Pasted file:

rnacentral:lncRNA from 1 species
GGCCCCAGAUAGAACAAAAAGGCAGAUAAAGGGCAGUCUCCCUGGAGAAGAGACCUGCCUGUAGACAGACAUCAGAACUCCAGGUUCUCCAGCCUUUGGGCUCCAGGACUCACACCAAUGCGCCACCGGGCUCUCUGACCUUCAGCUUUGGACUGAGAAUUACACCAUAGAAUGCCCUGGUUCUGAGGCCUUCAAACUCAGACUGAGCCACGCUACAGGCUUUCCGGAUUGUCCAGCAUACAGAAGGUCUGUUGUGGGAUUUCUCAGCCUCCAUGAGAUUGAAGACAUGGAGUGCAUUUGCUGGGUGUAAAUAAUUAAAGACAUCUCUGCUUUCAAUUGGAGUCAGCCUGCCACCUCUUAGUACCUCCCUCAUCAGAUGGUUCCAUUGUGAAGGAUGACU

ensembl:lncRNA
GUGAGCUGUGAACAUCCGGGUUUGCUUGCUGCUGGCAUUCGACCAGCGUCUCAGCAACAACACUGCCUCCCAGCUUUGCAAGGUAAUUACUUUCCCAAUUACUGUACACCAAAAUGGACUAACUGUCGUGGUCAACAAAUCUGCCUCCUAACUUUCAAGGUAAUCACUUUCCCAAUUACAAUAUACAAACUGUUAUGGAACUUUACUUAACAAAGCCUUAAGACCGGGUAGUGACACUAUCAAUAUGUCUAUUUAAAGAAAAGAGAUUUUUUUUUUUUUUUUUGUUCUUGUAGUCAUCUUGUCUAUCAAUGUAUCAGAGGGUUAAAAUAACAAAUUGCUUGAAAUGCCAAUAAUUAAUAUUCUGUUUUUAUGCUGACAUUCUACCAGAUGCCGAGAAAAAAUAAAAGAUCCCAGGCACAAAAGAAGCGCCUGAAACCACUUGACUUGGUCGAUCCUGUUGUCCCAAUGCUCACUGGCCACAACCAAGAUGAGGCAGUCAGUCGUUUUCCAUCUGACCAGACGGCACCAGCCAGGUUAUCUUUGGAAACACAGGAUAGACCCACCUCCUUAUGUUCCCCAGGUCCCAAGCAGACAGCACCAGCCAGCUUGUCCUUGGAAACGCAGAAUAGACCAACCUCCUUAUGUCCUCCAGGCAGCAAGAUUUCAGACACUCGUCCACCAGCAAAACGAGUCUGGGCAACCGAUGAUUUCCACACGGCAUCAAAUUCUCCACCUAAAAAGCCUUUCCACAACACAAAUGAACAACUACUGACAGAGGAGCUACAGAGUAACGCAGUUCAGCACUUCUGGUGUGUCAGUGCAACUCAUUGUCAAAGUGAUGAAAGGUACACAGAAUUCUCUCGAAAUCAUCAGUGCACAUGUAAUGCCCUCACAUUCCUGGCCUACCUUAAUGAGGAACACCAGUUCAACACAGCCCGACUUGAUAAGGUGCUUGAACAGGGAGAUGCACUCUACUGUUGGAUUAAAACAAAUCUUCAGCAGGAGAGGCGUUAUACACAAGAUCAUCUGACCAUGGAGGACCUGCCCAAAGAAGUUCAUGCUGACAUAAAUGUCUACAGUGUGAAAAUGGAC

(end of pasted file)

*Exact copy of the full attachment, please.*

rnacentral:lncRNA from 1 species
GGCCCCAGAUAGAACAAAAAGGCAGAUAAAGGGCAGUCUCCCUGGAGAAGAGACCUGCCUGUAGACAGACAUCAGAACUCCAGGUUCUCCAGCCUUUGGGCUCCAGGACUCACACCAAUGCGCCACCGGGCUCUCUGACCUUCAGCUUUGGACUGAGAAUUACACCAUAGAAUGCCCUGGUUCUGAGGCCUUCAAACUCAGACUGAGCCACGCUACAGGCUUUCCGGAUUGUCCAGCAUACAGAAGGUCUGUUGUGGGAUUUCUCAGCCUCCAUGAGAUUGAAGACAUGGAGUGCAUUUGCUGGGUGUAAAUAAUUAAAGACAUCUCUGCUUUCAAUUGGAGUCAGCCUGCCACCUCUUAGUACCUCCCUCAUCAGAUGGUUCCAUUGUGAAGGAUGACU

ensembl:lncRNA
GUGAGCUGUGAACAUCCGGGUUUGCUUGCUGCUGGCAUUCGACCAGCGUCUCAGCAACAACACUGCCUCCCAGCUUUGCAAGGUAAUUACUUUCCCAAUUACUGUACACCAAAAUGGACUAACUGUCGUGGUCAACAAAUCUGCCUCCUAACUUUCAAGGUAAUCACUUUCCCAAUUACAAUAUACAAACUGUUAUGGAACUUUACUUAACAAAGCCUUAAGACCGGGUAGUGACACUAUCAAUAUGUCUAUUUAAAGAAAAGAGAUUUUUUUUUUUUUUUUUGUUCUUGUAGUCAUCUUGUCUAUCAAUGUAUCAGAGGGUUAAAAUAACAAAUUGCUUGAAAUGCCAAUAAUUAAUAUUCUGUUUUUAUGCUGACAUUCUACCAGAUGCCGAGAAAAAAUAAAAGAUCCCAGGCACAAAAGAAGCGCCUGAAACCACUUGACUUGGUCGAUCCUGUUGUCCCAAUGCUCACUGGCCACAACCAAGAUGAGGCAGUCAGUCGUUUUCCAUCUGACCAGACGGCACCAGCCAGGUUAUCUUUGGAAACACAGGAUAGACCCACCUCCUUAUGUUCCCCAGGUCCCAAGCAGACAGCACCAGCCAGCUUGUCCUUGGAAACGCAGAAUAGACCAACCUCCUUAUGUCCUCCAGGCAGCAAGAUUUCAGACACUCGUCCACCAGCAAAACGAGUCUGGGCAACCGAUGAUUUCCACACGGCAUCAAAUUCUCCACCUAAAAAGCCUUUCCACAACACAAAUGAACAACUACUGACAGAGGAGCUACAGAGUAACGCAGUUCAGCACUUCUGGUGUGUCAGUGCAACUCAUUGUCAAAGUGAUGAAAGGUACACAGAAUUCUCUCGAAAUCAUCAGUGCACAUGUAAUGCCCUCACAUUCCUGGCCUACCUUAAUGAGGAACACCAGUUCAACACAGCCCGACUUGAUAAGGUGCUUGAACAGGGAGAUGCACUCUACUGUUGGAUUAAAACAAAUCUUCAGCAGGAGAGGCGUUAUACACAAGAUCAUCUGACCAUGGAGGACCUGCCCAAAGAAGUUCAUGCUGACAUAAAUGUCUACAGUGUGAAAAUGGAC